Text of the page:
It's time to call it corruption.
The ferries scandal is worse than the usual SNP incompetence.
Are the SNP avoiding straight answers on who is responsible for the ferries fiasco because that is their habit, or is it because there’s something worse than incompetence here?
So far the scandal over the SNP’s handling of the ferries has been a story told through the frame of incompetence. Little wonder given the calamity around what should have been a simple procurement exercise. Here are just a few of the mishaps that the nationalist government has presided over since the ferries were awarded at an original price of £97million in 2015.
According to the then-owner of the yard, Nicola Sturgeon announced the contract for the ferries before negotiations about the specifications for the ship were completed. Fergusons were told to start building the ships before the design for them was agreed.
In November 2017, surrounded by children who had been handed saltires, Nicola Sturgeon then launched the uncompleted first ferry MV Glen Sannox. Famously the windows were painted on to disguise the fact that it was nowhere near ready. In addition to the fake windows, there were also fake funnels, and the bulbous bow of the ship was flat rather than rounded.
By the summer of 2019, the SNP Government had paid £128.25 million to the yard even though the ferries were largely incomplete. Despite such a huge injection of our money, the yard then went into administration and was nationalised.
By January 2020, with one boat rusting in the water and the other on the slipway, the design had *still* not been agreed with the SNP Government. The yard reported that an *additional* £100 million would be needed to complete the ferries: more than the original cost quoted for starting from scratch.
A corporate fixer was appointed to sort out the mess earning an eye/mouth-watering £2500 a day. He left the project in February, reportedly having received £1.3 million without having delivered the ferries.
It was discovered that the ferries couldn’t be used in Ardrossan where they are supposed to sail from, but even the multi-million-pound extension required to that harbour is delayed - though that may not matter as so are the ships.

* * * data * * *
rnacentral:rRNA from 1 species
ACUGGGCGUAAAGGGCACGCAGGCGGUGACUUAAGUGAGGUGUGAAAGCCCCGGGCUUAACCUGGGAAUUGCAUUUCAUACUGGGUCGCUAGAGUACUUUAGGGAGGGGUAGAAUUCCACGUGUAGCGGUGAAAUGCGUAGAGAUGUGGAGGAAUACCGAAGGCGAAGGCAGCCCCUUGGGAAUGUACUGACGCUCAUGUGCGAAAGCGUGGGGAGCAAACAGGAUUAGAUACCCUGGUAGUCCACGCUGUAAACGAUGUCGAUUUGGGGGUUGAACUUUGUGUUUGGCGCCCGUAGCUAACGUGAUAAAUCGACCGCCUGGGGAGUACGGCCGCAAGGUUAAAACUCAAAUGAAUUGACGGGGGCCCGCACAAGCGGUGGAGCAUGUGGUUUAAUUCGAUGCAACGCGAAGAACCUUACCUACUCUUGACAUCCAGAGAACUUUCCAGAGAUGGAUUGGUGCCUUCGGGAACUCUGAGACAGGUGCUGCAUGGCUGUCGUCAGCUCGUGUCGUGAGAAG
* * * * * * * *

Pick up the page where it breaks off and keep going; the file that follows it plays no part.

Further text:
At the time of writing, the two ferries, are four years late, with more delays announced last month. The ships are set to cost us at least a quarter of a billion pounds, two and half times more than the original price. One former shipbuilding adviser has warned they could cost us £400 million.
Meanwhile, the Port Glasgow yard has missed out on 8 years of work contributing to the building of Type 31 frigates for the Royal Navy. The Scottish Government-owned yard will also miss out on building additional ferries for CalMac, with the work going instead to Turkey.
And of course, most importantly at all, as the SNP has more than doubled the length of time it takes for ferries to be replaced, our island communities are living with the impact of more and more breakdowns and cancellations. Last week, for example, fewer than half of ferry routes were running a normal service.
Despite all of this, the Finance Secretary isn’t interested enough to have asked even the most basic questions about how we got here.
If this was simply a story about incompetence, it would surely be enough. Increasingly though this is becoming a story about abuse of the power held by the SNP rather than inept wielding of it.
I was a Special Adviser in the governments of both Tony Blair and Gordon Brown. A SpAD is a political cuckoo in the impartial civil service nest. Like a government Minister, your job is both administrative and political. There is a tension between those two roles and it takes people of good faith, both in governing parties and the civil service, to make sure that the power entrusted to you is not abused for partisan purposes.
It isn’t always easy to define when government becomes improperly infected by party politics. After all, the basis of democracy is that if people believe you govern well, they reward it at the next election. The incentive to govern in the public interest is, in this sense, deeply political.